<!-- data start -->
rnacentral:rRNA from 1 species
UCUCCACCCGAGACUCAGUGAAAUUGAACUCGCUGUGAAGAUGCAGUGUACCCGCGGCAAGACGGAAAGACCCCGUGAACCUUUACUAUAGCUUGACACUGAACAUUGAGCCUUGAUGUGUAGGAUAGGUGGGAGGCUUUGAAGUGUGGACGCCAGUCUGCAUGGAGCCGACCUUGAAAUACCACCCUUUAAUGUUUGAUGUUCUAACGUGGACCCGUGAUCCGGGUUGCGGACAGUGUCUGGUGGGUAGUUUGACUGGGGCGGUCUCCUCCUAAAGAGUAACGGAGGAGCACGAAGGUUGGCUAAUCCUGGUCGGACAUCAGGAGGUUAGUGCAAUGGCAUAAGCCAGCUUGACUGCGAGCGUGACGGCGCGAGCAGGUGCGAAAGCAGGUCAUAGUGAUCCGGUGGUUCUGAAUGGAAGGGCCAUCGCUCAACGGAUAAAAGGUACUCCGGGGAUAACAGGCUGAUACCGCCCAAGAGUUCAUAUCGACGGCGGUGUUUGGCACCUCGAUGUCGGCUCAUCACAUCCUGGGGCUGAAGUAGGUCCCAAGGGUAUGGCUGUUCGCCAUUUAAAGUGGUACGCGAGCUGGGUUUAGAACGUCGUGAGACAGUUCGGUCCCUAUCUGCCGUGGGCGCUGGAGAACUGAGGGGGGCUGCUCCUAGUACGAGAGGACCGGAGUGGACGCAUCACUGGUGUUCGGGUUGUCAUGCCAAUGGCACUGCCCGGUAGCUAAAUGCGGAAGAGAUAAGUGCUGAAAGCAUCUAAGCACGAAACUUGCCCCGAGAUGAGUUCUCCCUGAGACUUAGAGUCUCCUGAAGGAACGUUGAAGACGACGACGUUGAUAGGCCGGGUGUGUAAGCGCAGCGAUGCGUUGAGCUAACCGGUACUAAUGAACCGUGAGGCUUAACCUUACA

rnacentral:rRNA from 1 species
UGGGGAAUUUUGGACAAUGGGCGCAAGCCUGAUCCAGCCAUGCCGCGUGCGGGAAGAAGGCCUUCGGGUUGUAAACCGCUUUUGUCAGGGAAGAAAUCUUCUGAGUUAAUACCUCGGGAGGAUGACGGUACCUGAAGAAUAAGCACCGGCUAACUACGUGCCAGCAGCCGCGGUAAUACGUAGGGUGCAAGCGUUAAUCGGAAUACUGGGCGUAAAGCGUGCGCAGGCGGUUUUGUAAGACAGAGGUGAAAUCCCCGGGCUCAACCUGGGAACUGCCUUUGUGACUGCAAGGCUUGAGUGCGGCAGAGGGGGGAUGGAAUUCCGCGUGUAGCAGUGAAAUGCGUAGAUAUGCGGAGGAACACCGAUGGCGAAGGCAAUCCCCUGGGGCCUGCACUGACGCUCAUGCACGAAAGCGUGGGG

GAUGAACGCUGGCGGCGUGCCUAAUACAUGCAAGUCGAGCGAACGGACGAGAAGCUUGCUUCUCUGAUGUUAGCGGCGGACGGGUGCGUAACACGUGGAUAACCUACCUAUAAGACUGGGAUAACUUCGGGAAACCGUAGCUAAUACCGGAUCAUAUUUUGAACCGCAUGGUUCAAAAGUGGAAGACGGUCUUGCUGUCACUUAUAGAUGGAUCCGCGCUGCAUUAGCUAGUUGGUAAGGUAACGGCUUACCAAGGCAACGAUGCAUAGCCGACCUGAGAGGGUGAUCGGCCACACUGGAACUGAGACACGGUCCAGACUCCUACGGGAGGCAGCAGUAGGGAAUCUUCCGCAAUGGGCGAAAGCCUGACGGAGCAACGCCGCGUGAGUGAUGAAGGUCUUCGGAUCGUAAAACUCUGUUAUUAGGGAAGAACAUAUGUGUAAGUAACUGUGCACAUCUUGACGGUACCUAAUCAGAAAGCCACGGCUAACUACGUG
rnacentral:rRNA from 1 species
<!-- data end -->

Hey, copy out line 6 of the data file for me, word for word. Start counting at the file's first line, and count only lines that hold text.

rnacentral:rRNA from 1 species